What the writer is doing – to put words in his mouth – is to criticize these people of weak faith whose beliefs had to be propped up by science. In Thomas’ case, his “faith” had to be bolstered by scientific (or at least tactile) proof. In the ID’ists case, it’s using the alleged failures of science to verify their God. In neither case, the author seems to be saying, is real faith involved. Real faith is making a decision that goes beyond the data, not one based on it.

    BCH

  3. says

    That’s exactly what I’m saying: the author is criticizing IDists for needing the prop of evidence, but I am saying that the idea that ” faith is making a decision that goes beyond the data” is a bad one. It’s basing decisions on pure fantasy and falsehood.

  4. Joe Shelby says

    reason cannot be ‘neutral’

    On this, I would disagree. the faithful, accepting that a God exists and helps guide and direct their lives, can make perfectly logical and reasonable conclusions about the causes of what they see around them.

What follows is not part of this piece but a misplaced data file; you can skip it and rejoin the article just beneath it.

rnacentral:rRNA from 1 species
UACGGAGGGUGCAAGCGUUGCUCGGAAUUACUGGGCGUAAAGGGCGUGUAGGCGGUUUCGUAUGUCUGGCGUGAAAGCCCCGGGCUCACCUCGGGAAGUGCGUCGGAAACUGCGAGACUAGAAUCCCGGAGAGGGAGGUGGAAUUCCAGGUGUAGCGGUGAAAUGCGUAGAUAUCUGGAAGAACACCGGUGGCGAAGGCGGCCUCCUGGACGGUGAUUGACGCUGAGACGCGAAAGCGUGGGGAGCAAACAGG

If they accept the axiom that God can perform miracle healing, then when someone is cured of a disease against the statistical odds, its a miracle. it is a perfectly reasonable conclusion, as is the equally reasonable conclusion of a skeptic that the patient simply was the 1 in 1000.

    the believer’s conclusions may not be entirely rational, based on an axiom that can’t itself be considered provable.

    even in pure Geometry, the basis of geometry is a set of axioms upon which the rest is derived. but one axiom can be changed leading to tremendously differing conclusions: parallel lines. if they never meet (Euclidian), always meet, or always diverge (the two 3-D possibilities), the conclusions one can make are different.

    if the axioms are agreed upon, the application of reason remains neutral to the axioms.